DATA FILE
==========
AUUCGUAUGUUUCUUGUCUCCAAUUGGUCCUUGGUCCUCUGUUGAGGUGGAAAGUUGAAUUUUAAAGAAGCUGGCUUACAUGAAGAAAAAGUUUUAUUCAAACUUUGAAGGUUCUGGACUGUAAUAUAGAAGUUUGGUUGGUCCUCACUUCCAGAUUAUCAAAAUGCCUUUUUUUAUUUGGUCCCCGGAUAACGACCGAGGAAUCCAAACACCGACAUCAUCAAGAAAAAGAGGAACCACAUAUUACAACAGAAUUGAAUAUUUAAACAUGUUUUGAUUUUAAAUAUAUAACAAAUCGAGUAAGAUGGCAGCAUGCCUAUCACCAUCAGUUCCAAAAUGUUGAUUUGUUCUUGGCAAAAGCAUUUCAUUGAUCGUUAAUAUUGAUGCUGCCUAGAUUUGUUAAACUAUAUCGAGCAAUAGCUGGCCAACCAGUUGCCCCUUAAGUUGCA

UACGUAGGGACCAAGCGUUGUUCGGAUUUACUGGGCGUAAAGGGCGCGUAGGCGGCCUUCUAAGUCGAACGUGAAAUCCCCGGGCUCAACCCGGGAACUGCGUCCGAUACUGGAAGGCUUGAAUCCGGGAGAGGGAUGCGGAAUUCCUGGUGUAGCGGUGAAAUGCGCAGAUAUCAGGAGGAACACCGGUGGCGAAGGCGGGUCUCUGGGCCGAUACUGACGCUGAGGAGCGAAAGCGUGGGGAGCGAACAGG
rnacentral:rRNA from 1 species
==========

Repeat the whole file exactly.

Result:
AUUCGUAUGUUUCUUGUCUCCAAUUGGUCCUUGGUCCUCUGUUGAGGUGGAAAGUUGAAUUUUAAAGAAGCUGGCUUACAUGAAGAAAAAGUUUUAUUCAAACUUUGAAGGUUCUGGACUGUAAUAUAGAAGUUUGGUUGGUCCUCACUUCCAGAUUAUCAAAAUGCCUUUUUUUAUUUGGUCCCCGGAUAACGACCGAGGAAUCCAAACACCGACAUCAUCAAGAAAAAGAGGAACCACAUAUUACAACAGAAUUGAAUAUUUAAACAUGUUUUGAUUUUAAAUAUAUAACAAAUCGAGUAAGAUGGCAGCAUGCCUAUCACCAUCAGUUCCAAAAUGUUGAUUUGUUCUUGGCAAAAGCAUUUCAUUGAUCGUUAAUAUUGAUGCUGCCUAGAUUUGUUAAACUAUAUCGAGCAAUAGCUGGCCAACCAGUUGCCCCUUAAGUUGCA

UACGUAGGGACCAAGCGUUGUUCGGAUUUACUGGGCGUAAAGGGCGCGUAGGCGGCCUUCUAAGUCGAACGUGAAAUCCCCGGGCUCAACCCGGGAACUGCGUCCGAUACUGGAAGGCUUGAAUCCGGGAGAGGGAUGCGGAAUUCCUGGUGUAGCGGUGAAAUGCGCAGAUAUCAGGAGGAACACCGGUGGCGAAGGCGGGUCUCUGGGCCGAUACUGACGCUGAGGAGCGAAAGCGUGGGGAGCGAACAGG
rnacentral:rRNA from 1 species